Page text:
1
$\begingroup$

How can I show that $\sum_{n=1}^\infty (\sin n -\sin(πn/2)) / n^2$ converges or diverges? I tried using the ratio test but it's complicated I'd say it converges to $0$ since $n^2$ is growing faster than the numerator.

$\endgroup$
1
$\begingroup$

Hint : $$\left| \frac{\sin n-\sin(\pi n/2)}{n^2}\right|\le \frac{2}{n^2}$$

and use the fact 'Every absolutely convergent series is convergent.'

$\endgroup$
  • $\begingroup$ I need to find a smaller series that will also converge in this case 1/n² and by the comparison the original series will converge right.. $\endgroup$ – mimi Oct 15 '13 at 1:58
  • $\begingroup$ You don't need a smaller series, you need a larger series, and tetori gave that to you. $\endgroup$ – Robert Israel Oct 15 '13 at 2:09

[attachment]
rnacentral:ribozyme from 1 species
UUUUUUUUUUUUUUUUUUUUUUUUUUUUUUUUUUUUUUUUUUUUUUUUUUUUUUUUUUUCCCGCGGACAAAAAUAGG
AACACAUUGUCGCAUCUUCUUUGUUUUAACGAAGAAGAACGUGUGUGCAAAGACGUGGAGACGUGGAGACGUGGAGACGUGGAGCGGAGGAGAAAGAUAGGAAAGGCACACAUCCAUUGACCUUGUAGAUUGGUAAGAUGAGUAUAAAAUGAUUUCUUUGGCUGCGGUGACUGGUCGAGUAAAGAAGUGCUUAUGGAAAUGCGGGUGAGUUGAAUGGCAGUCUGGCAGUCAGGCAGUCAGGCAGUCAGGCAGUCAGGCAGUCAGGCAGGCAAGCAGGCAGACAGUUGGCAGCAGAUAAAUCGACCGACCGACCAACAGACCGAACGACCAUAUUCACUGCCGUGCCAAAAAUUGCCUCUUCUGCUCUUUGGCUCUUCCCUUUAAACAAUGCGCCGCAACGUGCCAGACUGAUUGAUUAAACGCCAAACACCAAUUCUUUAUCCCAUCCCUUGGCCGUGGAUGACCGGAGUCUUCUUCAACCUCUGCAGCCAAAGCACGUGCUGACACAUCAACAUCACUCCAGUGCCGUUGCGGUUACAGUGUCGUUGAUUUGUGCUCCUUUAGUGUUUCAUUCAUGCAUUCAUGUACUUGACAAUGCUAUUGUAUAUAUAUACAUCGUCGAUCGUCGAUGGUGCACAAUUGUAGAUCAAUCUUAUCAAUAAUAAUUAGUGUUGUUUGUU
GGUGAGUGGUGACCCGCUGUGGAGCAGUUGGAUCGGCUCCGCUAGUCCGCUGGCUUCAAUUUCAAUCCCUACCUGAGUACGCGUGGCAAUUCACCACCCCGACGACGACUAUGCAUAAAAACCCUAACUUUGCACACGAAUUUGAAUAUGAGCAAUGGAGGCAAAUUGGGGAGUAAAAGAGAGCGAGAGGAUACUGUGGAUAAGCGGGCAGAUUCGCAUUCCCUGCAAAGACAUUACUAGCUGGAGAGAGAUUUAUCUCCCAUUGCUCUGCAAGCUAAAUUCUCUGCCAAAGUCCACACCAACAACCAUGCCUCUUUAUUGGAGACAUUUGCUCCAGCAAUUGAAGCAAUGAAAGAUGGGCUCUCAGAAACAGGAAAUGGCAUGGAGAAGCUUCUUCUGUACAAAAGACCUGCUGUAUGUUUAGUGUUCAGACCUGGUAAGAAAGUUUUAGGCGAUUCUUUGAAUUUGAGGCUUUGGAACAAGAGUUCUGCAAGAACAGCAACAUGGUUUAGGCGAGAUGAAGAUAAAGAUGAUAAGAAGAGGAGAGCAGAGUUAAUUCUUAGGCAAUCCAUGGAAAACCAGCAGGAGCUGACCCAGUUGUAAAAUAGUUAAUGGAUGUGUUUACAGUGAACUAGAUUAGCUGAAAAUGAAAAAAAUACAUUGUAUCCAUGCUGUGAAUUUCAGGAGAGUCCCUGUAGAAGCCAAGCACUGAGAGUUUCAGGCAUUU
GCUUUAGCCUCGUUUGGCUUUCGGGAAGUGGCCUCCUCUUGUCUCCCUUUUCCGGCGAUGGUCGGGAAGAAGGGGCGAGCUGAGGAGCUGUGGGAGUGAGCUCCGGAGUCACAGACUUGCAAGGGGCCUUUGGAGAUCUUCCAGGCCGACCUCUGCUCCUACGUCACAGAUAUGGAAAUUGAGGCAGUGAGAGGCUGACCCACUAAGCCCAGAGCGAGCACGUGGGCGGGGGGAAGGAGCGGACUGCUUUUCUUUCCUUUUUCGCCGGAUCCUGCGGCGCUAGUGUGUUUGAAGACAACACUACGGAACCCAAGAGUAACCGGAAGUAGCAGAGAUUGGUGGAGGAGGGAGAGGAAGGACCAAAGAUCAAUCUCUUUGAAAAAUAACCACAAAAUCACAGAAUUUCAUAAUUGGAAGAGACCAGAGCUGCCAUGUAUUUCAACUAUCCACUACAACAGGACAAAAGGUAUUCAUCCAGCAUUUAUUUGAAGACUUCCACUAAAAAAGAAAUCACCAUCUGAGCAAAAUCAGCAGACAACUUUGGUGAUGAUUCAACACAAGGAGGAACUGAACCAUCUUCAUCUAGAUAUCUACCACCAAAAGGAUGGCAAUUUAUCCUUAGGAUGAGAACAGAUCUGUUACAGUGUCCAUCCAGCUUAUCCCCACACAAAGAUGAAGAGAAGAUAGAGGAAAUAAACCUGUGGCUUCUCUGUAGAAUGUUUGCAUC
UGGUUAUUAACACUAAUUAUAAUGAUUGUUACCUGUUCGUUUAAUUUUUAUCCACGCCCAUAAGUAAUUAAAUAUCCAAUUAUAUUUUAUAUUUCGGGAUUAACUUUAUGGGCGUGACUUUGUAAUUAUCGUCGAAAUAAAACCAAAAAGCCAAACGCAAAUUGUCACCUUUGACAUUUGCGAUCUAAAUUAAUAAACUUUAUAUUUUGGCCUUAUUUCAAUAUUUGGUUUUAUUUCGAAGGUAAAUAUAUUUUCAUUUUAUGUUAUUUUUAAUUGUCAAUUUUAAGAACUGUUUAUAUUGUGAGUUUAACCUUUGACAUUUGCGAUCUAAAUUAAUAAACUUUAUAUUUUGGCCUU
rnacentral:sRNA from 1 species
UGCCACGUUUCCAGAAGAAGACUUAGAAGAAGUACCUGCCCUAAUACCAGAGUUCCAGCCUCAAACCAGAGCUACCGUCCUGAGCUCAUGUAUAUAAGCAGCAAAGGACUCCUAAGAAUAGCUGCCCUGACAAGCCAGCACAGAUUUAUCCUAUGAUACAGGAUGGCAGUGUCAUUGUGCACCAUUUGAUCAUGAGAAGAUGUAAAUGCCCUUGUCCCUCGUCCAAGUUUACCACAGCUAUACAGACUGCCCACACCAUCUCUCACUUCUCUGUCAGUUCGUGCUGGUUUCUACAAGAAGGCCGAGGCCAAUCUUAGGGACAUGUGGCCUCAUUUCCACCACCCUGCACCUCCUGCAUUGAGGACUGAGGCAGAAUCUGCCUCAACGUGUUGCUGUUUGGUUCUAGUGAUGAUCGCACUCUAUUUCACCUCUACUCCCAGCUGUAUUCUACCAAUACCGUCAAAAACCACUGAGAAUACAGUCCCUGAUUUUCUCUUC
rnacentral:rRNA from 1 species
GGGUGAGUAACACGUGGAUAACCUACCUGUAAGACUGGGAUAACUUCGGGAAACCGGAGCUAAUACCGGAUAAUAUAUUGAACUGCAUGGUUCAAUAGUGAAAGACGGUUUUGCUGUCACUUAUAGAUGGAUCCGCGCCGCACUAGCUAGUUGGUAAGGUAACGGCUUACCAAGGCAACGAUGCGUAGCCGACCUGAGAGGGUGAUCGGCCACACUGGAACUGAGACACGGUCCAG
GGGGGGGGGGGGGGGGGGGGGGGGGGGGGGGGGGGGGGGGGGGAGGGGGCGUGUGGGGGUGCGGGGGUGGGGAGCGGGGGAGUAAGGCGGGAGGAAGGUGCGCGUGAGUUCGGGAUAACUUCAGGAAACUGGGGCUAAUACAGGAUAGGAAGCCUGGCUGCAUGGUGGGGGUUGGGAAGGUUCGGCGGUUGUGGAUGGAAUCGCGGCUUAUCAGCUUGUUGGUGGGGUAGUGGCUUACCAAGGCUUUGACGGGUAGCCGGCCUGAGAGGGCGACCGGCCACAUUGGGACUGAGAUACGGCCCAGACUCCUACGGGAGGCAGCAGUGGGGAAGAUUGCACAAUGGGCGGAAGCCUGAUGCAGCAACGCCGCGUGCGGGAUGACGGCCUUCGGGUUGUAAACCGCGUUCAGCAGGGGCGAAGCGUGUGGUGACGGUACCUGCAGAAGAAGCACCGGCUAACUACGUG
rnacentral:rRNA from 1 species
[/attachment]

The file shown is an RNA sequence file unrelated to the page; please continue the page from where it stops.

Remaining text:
• $\begingroup$ No. You want a larger series that converges. A smaller series will tell you that the series diverges if the smaller series diverges. $\endgroup$ – marty cohen Oct 15 '13 at 2:10

Your Answer

By clicking “Post Your Answer”, you agree to our terms of service, privacy policy and cookie policy

Not the answer you're looking for? Browse other questions tagged or ask your own question.